How To Climb Out of Despair and Change Your Life

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Catherine Hughes

Director of the 8 Women Dream Project at 8 Women Dream
Catherine’s dream is to make 8 Women Dream the premier online publication for women looking to pursue their dreams. She is a published author, a freelance writer, and a guide for those who want their dreams to come true online. Catherine would someday like to be invited to speak at TED about her observations about her 8WD project inviting women to take a chance on their dreams. Wine was required... Catherine posts on Sunday evenings and fills in dream stories as needed. If you aren't sure how to comment on this story, click here.

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How to Climb Out of Despair and Make Your Dreams Come True

Are you tired of me talking about how to have a top blog? Good. This week I’d like to share with you a story on how to achieve the thing you believe to be impossible: changing your life.

The story I am about to tell you is important because it outlines what is needed when you want to change your life and make your dreams come true. It proves you can start from right where you are — no matter how bleak your situation may be and take the steps needed to change.

It isn’t as hard as you might think . . .

Maurice Lim Miller worked in California social services for over 20 years and was challenged by then-Mayor of Oakland Jerry Brown in 2001 to create something new that could assure jobs and security for low-income families.

Miller believed that the American social welfare system is focused too much on lack and the needs of those in poverty, while ignoring their strengths and possibilities. In other words, our social welfare system paradigm is based on preventing people from falling further, instead of on handing people a real rope to which they can pull themselves up.  He formed the Family Independence Initiative.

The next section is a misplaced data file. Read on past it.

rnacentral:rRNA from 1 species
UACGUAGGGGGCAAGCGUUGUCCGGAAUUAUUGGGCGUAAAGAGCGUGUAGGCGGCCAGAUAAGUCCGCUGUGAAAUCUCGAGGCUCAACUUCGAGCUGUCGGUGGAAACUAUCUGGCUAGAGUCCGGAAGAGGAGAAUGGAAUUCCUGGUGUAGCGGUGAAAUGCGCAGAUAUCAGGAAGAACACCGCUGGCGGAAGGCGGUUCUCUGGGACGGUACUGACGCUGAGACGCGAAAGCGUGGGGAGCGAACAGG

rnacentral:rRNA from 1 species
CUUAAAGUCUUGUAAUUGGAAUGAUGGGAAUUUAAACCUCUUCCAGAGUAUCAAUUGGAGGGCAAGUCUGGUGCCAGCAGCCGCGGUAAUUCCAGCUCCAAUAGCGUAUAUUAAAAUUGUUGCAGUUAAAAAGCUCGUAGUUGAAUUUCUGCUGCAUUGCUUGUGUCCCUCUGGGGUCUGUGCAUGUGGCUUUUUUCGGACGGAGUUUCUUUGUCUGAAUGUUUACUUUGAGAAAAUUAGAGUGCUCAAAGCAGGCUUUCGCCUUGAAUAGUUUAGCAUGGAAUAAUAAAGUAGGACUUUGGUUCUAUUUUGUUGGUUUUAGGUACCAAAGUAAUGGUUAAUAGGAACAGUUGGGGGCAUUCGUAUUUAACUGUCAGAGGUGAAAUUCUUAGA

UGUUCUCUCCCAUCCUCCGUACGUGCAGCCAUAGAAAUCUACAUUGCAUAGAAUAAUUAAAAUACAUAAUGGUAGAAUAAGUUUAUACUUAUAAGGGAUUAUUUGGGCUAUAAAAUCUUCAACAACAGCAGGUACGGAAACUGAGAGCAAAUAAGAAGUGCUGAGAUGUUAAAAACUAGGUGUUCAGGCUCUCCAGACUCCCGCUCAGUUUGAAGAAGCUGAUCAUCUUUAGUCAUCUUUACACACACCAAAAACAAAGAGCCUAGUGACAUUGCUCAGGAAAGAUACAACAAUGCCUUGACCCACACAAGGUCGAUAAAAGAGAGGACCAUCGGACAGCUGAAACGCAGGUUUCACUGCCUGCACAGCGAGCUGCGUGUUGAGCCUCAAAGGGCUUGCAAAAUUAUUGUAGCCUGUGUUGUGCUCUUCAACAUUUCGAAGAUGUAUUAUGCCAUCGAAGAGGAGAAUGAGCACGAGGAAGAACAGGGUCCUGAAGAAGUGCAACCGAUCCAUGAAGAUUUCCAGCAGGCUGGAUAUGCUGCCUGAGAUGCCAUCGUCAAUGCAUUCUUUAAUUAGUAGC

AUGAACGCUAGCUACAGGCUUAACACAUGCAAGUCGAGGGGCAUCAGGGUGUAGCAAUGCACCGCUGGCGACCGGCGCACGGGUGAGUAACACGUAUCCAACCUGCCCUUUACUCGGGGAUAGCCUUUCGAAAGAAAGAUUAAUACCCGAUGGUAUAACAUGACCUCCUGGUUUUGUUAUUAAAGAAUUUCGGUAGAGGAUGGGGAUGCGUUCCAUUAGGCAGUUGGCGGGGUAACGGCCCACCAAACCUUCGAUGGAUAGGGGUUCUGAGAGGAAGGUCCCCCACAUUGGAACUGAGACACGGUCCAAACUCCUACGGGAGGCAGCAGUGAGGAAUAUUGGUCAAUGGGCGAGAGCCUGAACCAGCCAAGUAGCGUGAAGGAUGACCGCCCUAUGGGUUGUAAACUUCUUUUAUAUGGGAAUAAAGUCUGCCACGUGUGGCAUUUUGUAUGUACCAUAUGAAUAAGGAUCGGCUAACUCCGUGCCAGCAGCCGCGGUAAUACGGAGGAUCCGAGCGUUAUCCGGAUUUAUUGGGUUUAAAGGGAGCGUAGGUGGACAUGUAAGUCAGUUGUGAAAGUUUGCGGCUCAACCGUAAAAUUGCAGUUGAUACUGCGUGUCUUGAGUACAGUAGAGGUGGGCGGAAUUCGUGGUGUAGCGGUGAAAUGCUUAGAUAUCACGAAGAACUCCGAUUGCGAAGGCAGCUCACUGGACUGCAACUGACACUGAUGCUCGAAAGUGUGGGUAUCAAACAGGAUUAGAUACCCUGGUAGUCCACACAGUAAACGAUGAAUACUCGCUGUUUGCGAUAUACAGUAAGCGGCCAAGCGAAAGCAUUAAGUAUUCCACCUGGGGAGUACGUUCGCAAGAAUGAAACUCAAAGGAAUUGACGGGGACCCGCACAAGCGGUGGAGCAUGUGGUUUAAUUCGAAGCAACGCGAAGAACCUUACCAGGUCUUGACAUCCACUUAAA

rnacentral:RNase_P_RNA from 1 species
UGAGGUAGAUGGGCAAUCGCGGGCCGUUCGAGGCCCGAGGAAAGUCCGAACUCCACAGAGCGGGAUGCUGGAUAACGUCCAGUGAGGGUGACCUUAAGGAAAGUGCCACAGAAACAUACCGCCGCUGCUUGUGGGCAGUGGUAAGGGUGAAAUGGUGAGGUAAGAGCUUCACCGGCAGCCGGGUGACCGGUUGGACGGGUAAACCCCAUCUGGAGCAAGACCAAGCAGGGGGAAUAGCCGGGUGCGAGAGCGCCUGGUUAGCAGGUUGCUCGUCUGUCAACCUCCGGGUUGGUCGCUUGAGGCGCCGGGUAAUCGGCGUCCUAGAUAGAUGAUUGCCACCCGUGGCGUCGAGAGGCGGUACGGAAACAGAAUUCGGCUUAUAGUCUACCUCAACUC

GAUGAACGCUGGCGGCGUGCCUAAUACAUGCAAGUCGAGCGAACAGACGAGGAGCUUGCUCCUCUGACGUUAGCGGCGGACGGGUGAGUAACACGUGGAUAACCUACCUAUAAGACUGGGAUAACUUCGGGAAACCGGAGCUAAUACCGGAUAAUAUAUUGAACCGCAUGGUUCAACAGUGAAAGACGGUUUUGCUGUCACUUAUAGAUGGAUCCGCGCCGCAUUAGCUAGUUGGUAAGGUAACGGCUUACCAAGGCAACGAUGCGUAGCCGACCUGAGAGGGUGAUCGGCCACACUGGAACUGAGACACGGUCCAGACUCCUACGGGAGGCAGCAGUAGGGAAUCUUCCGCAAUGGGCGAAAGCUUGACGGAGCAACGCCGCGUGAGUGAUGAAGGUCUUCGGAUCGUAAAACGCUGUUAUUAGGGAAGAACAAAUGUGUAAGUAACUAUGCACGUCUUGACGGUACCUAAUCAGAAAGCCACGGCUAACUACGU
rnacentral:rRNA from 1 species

From the FII website: After reflecting on his own family’s story of climbing out of poverty he researched the histories of immigrant, migrant, and indigenous communities in the United States who managed to move from intense poverty to a more stable middle-class standing. The common thread was that people turned to family and friends, pooled resources, and followed the example of those in their circle that began to succeed.

As reported in the NY Times story on Miller, “Out of Poverty, Family-Style”:

“Lim Miller wanted to see what families would do if they came together in a context that supported their initiative. He began by identifying families in low-income communities who were surviving, but who had “given up hope” of aspiring to more.

He asked them to pull together six to eight other families.

He offered them a challenge. The country had been waging a war on poverty for 40 years, he said, but the problem remained unsolved. “What we’re going to do is give you some resources and connections and we’re going to trust that you’ll do something,” he said. “You guys are in the power position. If you do nothing we’ll fail. If you do something we’ll all learn.”

They started with 25 families in three cohorts – eight African American families, six Salvadoran refugee families and 11 Iu Mien families from Laos. The latter were all on welfare.

He asked them to write down their goals, gave each a computer and enlisted them to fill in a questionnaire each month that tracked changes in things like income, assets, debts, health, education, skills, social networks and civic engagement.”

The families agreed to meet with an F.I.I. liaison every three months for an audit. Anything they reported – a pay increase, a doctor visit, an improvement in a child’s grades – had to be documented.”